Bridging the Gap

personal development Nov 22, 2021

Have you ever experienced a disconnect between intention and impact?

You can't speak or write as much as I do and not experience it (with some frequency). Something is said or done and is not received as intended, resulting in confusion, hurt feelings, or outrage.

What to do?

Acknowledge and accept that between intent and impact lies interpretation. The story the recipient tells themselves about what you meant by what you did or said and the story you tell yourself about what you meant by what you said or did.

Confused yet? Yeah, it can get complicated and go sideways real quick. Have you heard? People are fascinating.

Here are some things I've learned that can help when interpretations about intent and impact go awry.

  1. Assume no malicious intent. Only the clinically sociopathic or psychopathic enjoy causing others distress (and they are a scarce breed). Give people the benefit of the doubt.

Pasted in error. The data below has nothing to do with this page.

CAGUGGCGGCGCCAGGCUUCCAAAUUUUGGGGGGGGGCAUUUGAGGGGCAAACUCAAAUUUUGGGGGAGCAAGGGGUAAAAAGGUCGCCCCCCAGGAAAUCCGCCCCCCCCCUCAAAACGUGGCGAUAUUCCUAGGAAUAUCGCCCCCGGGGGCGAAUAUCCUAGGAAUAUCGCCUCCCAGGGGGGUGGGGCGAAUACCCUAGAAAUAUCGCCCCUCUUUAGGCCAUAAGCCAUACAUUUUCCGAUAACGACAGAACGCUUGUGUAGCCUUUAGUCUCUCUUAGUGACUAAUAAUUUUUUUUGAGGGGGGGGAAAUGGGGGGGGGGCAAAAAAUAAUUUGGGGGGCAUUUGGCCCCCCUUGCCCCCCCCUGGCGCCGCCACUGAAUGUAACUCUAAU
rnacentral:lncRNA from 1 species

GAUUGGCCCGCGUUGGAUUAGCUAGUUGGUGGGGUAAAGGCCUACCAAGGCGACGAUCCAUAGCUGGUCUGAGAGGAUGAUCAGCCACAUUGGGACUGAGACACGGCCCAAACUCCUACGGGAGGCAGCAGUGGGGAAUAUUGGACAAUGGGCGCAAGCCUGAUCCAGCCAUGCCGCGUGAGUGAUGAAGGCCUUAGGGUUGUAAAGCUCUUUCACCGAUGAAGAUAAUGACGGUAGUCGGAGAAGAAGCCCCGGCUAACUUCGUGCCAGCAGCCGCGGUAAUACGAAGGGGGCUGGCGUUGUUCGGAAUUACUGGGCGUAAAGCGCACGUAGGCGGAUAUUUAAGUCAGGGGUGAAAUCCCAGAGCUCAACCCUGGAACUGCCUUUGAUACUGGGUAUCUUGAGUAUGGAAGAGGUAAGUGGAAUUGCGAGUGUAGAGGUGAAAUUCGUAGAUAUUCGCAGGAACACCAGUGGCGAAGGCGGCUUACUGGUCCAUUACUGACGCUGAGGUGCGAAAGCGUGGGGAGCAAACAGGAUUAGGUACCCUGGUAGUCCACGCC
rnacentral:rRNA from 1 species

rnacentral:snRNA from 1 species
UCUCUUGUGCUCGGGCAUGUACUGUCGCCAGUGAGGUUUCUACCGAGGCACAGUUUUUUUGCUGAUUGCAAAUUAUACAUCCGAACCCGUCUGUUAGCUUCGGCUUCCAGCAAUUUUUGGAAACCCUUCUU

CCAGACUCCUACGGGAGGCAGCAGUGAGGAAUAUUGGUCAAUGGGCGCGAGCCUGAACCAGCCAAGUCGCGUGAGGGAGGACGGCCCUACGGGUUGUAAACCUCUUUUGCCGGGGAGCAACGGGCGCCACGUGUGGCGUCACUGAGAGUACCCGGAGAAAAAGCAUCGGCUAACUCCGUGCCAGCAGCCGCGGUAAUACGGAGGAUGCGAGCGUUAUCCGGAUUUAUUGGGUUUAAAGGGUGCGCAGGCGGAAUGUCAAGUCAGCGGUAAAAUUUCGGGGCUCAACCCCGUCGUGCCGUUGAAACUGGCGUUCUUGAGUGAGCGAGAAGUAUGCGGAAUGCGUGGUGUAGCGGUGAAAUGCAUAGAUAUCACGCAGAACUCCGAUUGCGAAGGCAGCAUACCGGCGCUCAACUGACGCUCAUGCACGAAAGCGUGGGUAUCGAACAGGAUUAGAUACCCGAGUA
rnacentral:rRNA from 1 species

2. Pause. Take a breath (or two or six). Sleep on it. There's rarely any virtue in reacting. Wait until you're calmed down and can respond.
  3. Zoom out. When we feel harmed or misunderstood, we take things personally and act on our prehistoric programming of fight, flight, or freeze. Viewing yourself, your situation, and others involved from above provides context and encourages interconnectedness.
  4. State what's happening objectively without all the emotive adverbs and adjectives. Value judgments can be dangerous. They often breed certainty about things that you can't be sure about.
  5. Get curious. Replace "I'm offended!" with"Isn't that interesting...?" Employ an active listening posture of reflecting what you heard or saw, asking if you heard or saw what was intended and if there's anything else they want to say or do.
  6. Remember that you don't have to say or do anything in response. Is a response worth your time, attention, and energy? Sometimes the best thing you can do is move on.
  7. Know how to apologize. You don't need to be wrong to express regret when feelings have hurt, or a misunderstanding emerges.

What's your strategy for bridging the gap between intent and impact? 

Scott Perry, Chief Difference-Maker at Creative on Purpose

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